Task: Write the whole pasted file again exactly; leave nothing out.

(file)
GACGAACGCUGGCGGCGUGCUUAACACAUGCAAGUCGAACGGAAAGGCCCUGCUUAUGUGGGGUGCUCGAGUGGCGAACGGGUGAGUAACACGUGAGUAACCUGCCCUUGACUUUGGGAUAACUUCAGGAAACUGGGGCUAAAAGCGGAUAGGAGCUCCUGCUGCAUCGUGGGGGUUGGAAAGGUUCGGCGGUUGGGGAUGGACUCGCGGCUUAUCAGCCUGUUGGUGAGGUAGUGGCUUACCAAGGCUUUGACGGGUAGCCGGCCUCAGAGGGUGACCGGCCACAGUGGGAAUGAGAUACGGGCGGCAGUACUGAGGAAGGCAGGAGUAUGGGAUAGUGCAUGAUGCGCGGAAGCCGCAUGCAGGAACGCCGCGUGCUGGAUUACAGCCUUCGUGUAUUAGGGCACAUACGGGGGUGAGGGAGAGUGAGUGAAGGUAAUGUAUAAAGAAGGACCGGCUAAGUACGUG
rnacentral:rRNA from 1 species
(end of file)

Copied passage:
GACGAACGCUGGCGGCGUGCUUAACACAUGCAAGUCGAACGGAAAGGCCCUGCUUAUGUGGGGUGCUCGAGUGGCGAACGGGUGAGUAACACGUGAGUAACCUGCCCUUGACUUUGGGAUAACUUCAGGAAACUGGGGCUAAAAGCGGAUAGGAGCUCCUGCUGCAUCGUGGGGGUUGGAAAGGUUCGGCGGUUGGGGAUGGACUCGCGGCUUAUCAGCCUGUUGGUGAGGUAGUGGCUUACCAAGGCUUUGACGGGUAGCCGGCCUCAGAGGGUGACCGGCCACAGUGGGAAUGAGAUACGGGCGGCAGUACUGAGGAAGGCAGGAGUAUGGGAUAGUGCAUGAUGCGCGGAAGCCGCAUGCAGGAACGCCGCGUGCUGGAUUACAGCCUUCGUGUAUUAGGGCACAUACGGGGGUGAGGGAGAGUGAGUGAAGGUAAUGUAUAAAGAAGGACCGGCUAAGUACGUG
rnacentral:rRNA from 1 species